The UN Security Council on Wednesday moved to formally urge all sides in Syria's civil war to let humanitarian aid flow freely into the country. International relief for Syria has been sparse, and Western nations say the Assad regime has deliberately blocked it.
After nearly three years of stalemate, the United Nations Security Council has acted on Syria for the second time in just a few days – a move that suggests the road to international action on the deadly civil war there may be opening up.
The council on Wednesday voted unanimously to urge all combatants to allow humanitarian aid to flow freely into the country, and it asked the government of Bashar al-Assad specifically to “lift bureaucratic impediments and other obstacles” to international relief aid and workers.
Wednesday’s approval of a council “presidential statement” follows adoption Friday night of a Security Council resolution on implementation of an ambitious international plan under which Syria is to give up all of its chemical weapons. The resolution, based on a US-Russia plan to destroy Syria’s chemical weapons stockpiles, was approved after more than two years of diplomatic standoff during which Russia – a staunch supporter of Mr. Assad – vetoed three Syria resolutions and blocked other presidential statements.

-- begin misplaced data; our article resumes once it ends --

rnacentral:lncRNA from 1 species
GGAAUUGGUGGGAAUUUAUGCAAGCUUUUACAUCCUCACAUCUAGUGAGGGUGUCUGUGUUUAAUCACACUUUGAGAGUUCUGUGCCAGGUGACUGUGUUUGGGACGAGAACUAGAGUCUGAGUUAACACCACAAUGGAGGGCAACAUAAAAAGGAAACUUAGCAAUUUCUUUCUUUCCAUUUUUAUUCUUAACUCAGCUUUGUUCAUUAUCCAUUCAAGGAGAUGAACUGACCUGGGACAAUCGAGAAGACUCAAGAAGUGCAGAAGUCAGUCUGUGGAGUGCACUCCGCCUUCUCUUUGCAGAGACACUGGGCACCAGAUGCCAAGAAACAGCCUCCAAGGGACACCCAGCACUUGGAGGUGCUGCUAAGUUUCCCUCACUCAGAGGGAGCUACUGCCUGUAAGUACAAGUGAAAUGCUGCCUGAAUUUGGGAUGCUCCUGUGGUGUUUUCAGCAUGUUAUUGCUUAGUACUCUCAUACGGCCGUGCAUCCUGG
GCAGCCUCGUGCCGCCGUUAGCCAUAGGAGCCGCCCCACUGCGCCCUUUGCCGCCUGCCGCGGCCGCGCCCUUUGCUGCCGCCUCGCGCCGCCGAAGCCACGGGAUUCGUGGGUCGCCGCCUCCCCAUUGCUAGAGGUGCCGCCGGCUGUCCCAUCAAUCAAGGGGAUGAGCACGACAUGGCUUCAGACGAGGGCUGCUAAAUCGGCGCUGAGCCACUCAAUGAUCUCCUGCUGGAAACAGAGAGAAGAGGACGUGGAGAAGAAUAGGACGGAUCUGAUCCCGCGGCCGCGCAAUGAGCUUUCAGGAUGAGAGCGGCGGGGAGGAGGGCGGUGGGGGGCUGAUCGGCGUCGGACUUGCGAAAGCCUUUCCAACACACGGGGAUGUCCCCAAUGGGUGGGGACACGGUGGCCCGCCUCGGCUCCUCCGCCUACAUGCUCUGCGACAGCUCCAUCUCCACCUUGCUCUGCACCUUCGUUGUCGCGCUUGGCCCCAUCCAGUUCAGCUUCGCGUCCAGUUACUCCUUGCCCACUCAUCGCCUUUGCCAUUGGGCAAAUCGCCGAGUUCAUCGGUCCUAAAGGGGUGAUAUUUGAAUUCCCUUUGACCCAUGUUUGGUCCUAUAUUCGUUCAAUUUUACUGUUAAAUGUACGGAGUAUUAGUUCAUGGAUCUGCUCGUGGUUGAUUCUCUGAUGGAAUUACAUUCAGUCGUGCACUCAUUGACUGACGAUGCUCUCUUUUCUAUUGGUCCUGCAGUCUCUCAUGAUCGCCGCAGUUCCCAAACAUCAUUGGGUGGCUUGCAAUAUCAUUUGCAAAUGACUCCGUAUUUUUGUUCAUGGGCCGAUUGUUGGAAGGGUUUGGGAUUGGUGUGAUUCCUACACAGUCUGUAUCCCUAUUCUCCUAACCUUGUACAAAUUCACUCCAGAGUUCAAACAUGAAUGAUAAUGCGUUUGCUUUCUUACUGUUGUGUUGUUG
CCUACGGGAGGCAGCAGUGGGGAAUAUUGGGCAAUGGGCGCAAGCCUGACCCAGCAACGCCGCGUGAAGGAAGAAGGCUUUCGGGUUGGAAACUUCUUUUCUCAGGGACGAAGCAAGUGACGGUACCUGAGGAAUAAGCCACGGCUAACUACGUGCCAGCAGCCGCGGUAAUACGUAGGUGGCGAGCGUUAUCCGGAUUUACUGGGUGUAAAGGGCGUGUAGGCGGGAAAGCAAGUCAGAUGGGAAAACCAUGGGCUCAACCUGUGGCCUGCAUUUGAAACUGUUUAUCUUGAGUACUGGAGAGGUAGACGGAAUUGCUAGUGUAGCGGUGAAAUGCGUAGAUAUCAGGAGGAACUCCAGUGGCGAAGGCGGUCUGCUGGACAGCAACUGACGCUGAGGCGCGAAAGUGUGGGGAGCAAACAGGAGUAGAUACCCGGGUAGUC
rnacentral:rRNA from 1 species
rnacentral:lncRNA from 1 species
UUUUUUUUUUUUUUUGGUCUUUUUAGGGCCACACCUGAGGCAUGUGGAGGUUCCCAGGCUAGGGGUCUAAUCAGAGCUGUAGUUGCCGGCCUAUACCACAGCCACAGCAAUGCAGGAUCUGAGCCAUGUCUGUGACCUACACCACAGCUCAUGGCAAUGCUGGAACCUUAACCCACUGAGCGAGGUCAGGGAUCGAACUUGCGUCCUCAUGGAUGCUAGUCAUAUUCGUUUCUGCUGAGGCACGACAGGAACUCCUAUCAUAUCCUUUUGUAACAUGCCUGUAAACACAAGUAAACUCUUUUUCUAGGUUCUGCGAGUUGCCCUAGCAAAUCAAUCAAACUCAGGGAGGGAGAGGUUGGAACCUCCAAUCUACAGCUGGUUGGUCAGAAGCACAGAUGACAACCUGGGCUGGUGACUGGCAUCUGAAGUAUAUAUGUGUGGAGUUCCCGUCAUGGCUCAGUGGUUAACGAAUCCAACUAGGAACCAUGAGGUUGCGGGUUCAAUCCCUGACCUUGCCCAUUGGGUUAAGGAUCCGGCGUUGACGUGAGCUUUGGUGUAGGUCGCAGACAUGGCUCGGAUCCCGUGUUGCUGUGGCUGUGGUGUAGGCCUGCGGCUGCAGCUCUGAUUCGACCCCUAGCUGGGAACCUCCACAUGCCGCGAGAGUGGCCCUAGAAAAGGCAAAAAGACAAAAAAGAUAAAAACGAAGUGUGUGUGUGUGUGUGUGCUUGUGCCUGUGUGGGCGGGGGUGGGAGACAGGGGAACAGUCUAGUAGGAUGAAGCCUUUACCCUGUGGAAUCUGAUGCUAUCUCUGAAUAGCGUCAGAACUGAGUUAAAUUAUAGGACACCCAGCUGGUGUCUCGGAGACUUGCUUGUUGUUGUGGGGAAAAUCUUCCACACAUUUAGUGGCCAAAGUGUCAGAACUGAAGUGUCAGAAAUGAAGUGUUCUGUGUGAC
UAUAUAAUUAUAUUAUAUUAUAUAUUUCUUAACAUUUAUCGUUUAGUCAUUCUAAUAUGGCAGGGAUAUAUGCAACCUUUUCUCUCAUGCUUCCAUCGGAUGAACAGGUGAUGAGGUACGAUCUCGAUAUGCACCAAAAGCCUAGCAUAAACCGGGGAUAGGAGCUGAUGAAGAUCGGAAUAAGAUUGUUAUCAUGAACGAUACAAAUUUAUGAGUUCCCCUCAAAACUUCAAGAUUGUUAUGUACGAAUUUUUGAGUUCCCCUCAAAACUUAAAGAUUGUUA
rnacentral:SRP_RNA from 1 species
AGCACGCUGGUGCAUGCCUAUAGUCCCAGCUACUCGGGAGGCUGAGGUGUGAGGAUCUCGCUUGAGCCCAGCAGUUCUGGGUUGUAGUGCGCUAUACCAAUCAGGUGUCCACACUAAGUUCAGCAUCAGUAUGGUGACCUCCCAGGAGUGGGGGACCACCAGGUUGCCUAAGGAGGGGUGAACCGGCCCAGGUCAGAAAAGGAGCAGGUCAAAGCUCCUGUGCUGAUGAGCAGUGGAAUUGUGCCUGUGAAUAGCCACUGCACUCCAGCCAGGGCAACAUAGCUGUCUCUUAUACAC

The UN has already declared the Syria conflict the world’s most pressing humanitarian crisis, but Wednesday’s statement underscores what the council says is a “rapid deterioration” in conditions on the ground. More than 6 million Syrians now live as internally displaced people, with claims mounting of starvation in pockets of the population – even in the Damascus suburbs – stuck in no-man’s-lands between warring forces.